Document D1 prevents this type of fraud in that the player number is transformed by a transformation function, such as a one-way function or hash function, into a transformed number. The transformed number is ultimately compared with a winning number to determine a winner. Preferably, the transformation function is chosen so that it will be very difficult to invert; that is, given only the transformation function and the transformed number, it will be difficult to find the player number. Furthermore, in the case of a significantly large prize, a player is required to present the player number, the transformation function, and the transformed number in order to collect the prize. Thus, since a fraudulent player will not be able to compute the player number, he will not be able to fraudulently claim to have won (page 5, lines 9 to 19).

The system generally comprises a display (such as a television set), an input device (such as a television remote control), a communications interface (such as an integrated receiver-decoder typically used for subscriber television) and a security device (such as a smart card interacting with the integrated receiver-decoder) (figures 2A, 2b and corresponding description).

A player number is provided to the system and transformed in the smart card (security device) by a one-way function such as a hash function (page 14, line 30 to page 15, line 25). The player number, the hash function and the transformed player number are typically all stored on the card.

A winning number, chosen by any appropriate means such as random generation, is received, typically via a broadcast transmission. The winning number is compared to the transformed player number. If the winning number matches the transformed player number or, according to the rules of whatever game is being played, partially matches the transformed player number, the player wins (page 16, lines 23 to 28).

In the case of large prizes, the player's win is verified at a game control site. Verification comprises verifying that the transformation function which the player has is the transformation function which the player is authorized to have; verifying that the player number, when input to the transformation function, yields the transformed player number; and verifying, typically by physical evidence, that the card has not been tampered with (page 17, lines 11 to 17).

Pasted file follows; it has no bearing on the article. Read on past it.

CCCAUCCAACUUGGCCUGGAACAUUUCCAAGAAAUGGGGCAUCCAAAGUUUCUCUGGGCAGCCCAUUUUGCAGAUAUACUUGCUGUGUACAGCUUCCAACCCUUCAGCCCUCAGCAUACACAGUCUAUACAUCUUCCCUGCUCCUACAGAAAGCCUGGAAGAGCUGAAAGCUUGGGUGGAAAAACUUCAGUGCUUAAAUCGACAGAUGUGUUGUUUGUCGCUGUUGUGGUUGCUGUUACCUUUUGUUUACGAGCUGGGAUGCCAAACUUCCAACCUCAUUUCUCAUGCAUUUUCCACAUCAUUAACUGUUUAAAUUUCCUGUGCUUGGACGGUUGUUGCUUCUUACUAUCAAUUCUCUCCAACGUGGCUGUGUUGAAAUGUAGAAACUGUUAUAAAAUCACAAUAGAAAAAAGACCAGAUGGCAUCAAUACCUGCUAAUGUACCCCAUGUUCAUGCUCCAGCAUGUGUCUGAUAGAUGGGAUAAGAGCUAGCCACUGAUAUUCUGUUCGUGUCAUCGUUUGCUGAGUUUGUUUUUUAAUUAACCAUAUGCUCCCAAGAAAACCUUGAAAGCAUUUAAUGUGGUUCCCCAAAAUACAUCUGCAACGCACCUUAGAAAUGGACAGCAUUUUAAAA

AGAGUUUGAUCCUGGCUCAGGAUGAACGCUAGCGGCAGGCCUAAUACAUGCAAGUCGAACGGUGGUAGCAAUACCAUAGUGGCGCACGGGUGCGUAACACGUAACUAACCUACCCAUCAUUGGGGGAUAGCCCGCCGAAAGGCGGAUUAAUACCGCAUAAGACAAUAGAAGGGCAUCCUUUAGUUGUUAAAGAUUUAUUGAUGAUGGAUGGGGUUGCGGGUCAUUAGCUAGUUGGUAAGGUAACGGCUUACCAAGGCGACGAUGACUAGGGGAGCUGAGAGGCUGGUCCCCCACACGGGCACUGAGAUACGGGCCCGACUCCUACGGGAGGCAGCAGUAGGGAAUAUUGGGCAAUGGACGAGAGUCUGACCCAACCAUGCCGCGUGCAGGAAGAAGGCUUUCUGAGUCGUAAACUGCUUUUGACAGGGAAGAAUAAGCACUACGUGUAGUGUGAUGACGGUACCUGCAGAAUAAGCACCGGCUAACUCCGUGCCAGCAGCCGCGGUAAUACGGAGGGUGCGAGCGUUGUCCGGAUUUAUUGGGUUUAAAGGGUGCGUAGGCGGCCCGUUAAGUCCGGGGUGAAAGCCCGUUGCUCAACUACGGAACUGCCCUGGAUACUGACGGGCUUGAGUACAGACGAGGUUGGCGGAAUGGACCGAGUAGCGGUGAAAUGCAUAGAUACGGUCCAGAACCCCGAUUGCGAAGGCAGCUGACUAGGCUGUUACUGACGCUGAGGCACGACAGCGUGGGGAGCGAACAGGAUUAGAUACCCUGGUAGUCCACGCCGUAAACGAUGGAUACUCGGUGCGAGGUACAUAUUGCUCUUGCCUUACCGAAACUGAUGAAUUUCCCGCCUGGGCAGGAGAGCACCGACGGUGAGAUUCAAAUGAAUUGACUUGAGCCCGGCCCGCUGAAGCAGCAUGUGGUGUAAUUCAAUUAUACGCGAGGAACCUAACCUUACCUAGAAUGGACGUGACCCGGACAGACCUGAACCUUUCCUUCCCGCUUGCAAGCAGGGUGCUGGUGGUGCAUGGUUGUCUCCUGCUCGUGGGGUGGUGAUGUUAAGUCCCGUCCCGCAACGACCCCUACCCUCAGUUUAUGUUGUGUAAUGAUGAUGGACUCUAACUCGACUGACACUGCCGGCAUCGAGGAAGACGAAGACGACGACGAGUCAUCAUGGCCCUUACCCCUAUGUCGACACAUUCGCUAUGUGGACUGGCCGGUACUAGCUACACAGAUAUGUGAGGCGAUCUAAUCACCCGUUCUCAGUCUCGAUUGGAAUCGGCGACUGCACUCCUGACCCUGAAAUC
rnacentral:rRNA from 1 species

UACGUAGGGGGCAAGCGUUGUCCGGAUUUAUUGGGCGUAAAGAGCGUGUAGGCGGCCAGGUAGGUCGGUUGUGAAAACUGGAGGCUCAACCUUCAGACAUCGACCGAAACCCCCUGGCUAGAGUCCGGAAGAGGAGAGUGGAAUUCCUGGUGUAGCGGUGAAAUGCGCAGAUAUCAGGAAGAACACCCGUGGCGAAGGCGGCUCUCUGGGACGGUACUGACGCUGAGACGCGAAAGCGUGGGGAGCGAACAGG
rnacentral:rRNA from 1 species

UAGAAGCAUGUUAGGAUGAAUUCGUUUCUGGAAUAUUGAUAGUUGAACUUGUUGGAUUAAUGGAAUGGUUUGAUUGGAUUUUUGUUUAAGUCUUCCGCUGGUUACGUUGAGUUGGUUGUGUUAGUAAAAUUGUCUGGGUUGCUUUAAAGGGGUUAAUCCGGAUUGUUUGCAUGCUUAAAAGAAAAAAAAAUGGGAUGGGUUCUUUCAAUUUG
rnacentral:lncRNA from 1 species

Regarding the player number, according to D1, the player is allowed to choose his own player number. Alternatively, any of a wide variety of methods may be used for choosing a player number. For example, any of the following methods may be used: a player number may be randomly generated by any appropriate component of the system of Figs. 2A and 2B; a player's favourite number may be stored and automatically provided by any appropriate component of the system of Figs. 2A and 2B; and a list of player numbers, including favourite numbers, numbers previously played, or other numbers may be stored and either one number may be automatically provided by any appropriate component of the system of Figs. 2A and 2B or a list of numbers may be provided to the player for making a choice. Furthermore, according to D1 it is appreciated that a player may play more than one number, typically at an increased cost (page 14, lines 16 to 29).

3.1.2 Having regard to independent claims 1 and 11, however, document D1 does not disclose providing an interactive gambling application in which a user interactively provides a sequence of user selections in response to gambling input generated by a random gambling input generator. Moreover, there is no disclosure in D1 of storing information comprising a log of the gambling input generated by the random gambling input generator during execution of the offline interactive gambling application and a log of the at least some user selections made in response to said gambling input during execution of the offline interactive gambling application.

In document D1, in case the player number is randomly generated, there is no disclosure, and indeed there would be no reason in the context of the lotto game of D1, for the user interactively providing a sequence of user selections in response to randomly generated gambling input and for securely storing a log of at least some of these user selections.

3.1.3 Having regard specifically to claim 1, document D1 discloses a system comprising a subscriber unit (integrated receiver-decoder), a secure processor (smart card) and a random gambling input generator (for randomly generating a player number).